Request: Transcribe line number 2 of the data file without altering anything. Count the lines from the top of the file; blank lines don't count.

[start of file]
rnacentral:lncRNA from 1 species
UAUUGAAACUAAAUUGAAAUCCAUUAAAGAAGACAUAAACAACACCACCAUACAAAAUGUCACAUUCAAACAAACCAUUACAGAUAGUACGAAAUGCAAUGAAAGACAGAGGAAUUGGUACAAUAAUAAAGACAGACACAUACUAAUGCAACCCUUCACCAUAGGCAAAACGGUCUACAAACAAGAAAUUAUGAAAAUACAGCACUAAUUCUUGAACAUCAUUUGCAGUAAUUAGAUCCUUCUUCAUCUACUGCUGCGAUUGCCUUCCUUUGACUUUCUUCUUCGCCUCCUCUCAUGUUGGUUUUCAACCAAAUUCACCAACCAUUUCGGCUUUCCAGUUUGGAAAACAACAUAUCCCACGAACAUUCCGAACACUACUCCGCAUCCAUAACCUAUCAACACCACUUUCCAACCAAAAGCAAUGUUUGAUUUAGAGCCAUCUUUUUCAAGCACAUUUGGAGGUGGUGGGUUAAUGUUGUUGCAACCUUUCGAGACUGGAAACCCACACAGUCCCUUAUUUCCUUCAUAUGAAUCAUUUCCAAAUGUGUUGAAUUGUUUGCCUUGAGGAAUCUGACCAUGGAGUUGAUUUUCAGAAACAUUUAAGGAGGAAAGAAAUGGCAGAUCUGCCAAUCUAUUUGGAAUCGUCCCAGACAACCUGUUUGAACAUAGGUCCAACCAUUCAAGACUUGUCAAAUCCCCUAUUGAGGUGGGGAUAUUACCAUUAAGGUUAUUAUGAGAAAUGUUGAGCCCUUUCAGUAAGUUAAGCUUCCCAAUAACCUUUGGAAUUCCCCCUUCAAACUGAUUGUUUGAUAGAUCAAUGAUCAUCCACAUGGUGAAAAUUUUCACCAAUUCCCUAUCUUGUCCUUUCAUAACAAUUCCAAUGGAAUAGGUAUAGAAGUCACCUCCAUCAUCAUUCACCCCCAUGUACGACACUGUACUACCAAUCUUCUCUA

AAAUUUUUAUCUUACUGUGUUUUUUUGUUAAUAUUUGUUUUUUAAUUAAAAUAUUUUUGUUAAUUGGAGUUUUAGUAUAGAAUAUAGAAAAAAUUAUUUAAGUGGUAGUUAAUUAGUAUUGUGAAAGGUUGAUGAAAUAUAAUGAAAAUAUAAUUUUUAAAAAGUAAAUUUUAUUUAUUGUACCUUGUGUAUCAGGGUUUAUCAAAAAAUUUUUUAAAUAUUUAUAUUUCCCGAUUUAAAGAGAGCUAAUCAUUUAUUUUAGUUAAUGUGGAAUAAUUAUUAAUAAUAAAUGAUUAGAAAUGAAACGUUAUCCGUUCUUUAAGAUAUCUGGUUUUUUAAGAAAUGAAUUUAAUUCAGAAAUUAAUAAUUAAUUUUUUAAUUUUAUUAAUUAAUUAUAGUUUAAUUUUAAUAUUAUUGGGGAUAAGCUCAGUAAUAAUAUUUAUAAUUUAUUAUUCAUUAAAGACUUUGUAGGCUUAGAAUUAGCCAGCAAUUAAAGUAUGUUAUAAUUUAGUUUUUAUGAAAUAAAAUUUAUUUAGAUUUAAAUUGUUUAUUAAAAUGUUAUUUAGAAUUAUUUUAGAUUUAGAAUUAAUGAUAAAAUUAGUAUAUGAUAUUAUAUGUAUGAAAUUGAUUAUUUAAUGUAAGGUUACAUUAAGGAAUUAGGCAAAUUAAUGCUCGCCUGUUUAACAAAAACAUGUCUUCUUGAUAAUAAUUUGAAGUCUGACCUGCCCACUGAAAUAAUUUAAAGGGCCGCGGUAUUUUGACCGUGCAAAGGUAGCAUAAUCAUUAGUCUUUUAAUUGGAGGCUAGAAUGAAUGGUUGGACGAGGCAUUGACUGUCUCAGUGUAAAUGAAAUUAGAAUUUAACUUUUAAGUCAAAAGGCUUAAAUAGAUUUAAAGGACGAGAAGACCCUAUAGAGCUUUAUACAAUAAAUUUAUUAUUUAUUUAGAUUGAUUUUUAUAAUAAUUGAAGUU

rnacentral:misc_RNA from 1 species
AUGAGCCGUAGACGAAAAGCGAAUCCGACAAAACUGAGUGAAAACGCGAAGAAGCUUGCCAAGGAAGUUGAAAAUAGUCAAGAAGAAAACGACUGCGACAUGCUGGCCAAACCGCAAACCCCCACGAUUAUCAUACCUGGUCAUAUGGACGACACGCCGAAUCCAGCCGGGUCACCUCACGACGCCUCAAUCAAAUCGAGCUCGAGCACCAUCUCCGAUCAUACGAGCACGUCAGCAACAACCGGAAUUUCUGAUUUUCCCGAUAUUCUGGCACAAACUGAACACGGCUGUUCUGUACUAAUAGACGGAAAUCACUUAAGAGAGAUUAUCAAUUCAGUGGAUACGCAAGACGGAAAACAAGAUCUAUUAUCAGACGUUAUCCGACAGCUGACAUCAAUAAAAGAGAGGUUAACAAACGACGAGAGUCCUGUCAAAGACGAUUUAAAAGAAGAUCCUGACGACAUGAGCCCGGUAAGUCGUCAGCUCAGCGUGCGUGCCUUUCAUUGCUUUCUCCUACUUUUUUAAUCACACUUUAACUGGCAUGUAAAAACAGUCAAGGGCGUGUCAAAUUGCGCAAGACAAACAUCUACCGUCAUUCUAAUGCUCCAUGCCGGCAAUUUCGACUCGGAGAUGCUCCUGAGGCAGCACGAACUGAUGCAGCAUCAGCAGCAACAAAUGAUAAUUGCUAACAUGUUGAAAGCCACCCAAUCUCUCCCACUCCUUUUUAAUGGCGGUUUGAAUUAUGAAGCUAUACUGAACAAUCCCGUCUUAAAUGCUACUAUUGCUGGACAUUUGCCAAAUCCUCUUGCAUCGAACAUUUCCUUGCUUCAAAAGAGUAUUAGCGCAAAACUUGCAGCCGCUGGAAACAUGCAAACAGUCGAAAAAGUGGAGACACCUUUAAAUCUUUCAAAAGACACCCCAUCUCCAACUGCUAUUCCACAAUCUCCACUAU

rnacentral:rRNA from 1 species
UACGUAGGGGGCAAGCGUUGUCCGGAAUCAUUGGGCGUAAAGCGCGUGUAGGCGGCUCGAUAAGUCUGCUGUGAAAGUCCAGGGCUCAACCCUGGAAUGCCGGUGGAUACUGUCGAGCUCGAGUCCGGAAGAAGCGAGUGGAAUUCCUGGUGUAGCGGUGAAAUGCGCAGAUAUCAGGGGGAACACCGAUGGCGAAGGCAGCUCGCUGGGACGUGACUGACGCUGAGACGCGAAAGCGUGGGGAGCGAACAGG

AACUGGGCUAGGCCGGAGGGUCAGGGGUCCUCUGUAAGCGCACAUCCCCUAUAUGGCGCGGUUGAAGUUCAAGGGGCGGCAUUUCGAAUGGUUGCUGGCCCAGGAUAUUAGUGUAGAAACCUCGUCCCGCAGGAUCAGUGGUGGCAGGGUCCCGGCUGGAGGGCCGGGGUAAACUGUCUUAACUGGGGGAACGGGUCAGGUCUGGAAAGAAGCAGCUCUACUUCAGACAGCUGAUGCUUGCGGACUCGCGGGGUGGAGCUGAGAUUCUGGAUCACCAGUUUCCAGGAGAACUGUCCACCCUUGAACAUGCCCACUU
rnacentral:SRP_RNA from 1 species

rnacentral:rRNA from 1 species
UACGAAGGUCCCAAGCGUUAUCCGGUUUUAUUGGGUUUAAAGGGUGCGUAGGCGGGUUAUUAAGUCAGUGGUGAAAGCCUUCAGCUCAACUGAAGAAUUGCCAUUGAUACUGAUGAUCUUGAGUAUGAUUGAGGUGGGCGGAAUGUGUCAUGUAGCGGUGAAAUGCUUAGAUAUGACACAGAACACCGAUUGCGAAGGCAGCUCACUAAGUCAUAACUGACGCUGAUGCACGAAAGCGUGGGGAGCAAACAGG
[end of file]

UAUUGAAACUAAAUUGAAAUCCAUUAAAGAAGACAUAAACAACACCACCAUACAAAAUGUCACAUUCAAACAAACCAUUACAGAUAGUACGAAAUGCAAUGAAAGACAGAGGAAUUGGUACAAUAAUAAAGACAGACACAUACUAAUGCAACCCUUCACCAUAGGCAAAACGGUCUACAAACAAGAAAUUAUGAAAAUACAGCACUAAUUCUUGAACAUCAUUUGCAGUAAUUAGAUCCUUCUUCAUCUACUGCUGCGAUUGCCUUCCUUUGACUUUCUUCUUCGCCUCCUCUCAUGUUGGUUUUCAACCAAAUUCACCAACCAUUUCGGCUUUCCAGUUUGGAAAACAACAUAUCCCACGAACAUUCCGAACACUACUCCGCAUCCAUAACCUAUCAACACCACUUUCCAACCAAAAGCAAUGUUUGAUUUAGAGCCAUCUUUUUCAAGCACAUUUGGAGGUGGUGGGUUAAUGUUGUUGCAACCUUUCGAGACUGGAAACCCACACAGUCCCUUAUUUCCUUCAUAUGAAUCAUUUCCAAAUGUGUUGAAUUGUUUGCCUUGAGGAAUCUGACCAUGGAGUUGAUUUUCAGAAACAUUUAAGGAGGAAAGAAAUGGCAGAUCUGCCAAUCUAUUUGGAAUCGUCCCAGACAACCUGUUUGAACAUAGGUCCAACCAUUCAAGACUUGUCAAAUCCCCUAUUGAGGUGGGGAUAUUACCAUUAAGGUUAUUAUGAGAAAUGUUGAGCCCUUUCAGUAAGUUAAGCUUCCCAAUAACCUUUGGAAUUCCCCCUUCAAACUGAUUGUUUGAUAGAUCAAUGAUCAUCCACAUGGUGAAAAUUUUCACCAAUUCCCUAUCUUGUCCUUUCAUAACAAUUCCAAUGGAAUAGGUAUAGAAGUCACCUCCAUCAUCAUUCACCCCCAUGUACGACACUGUACUACCAAUCUUCUCUA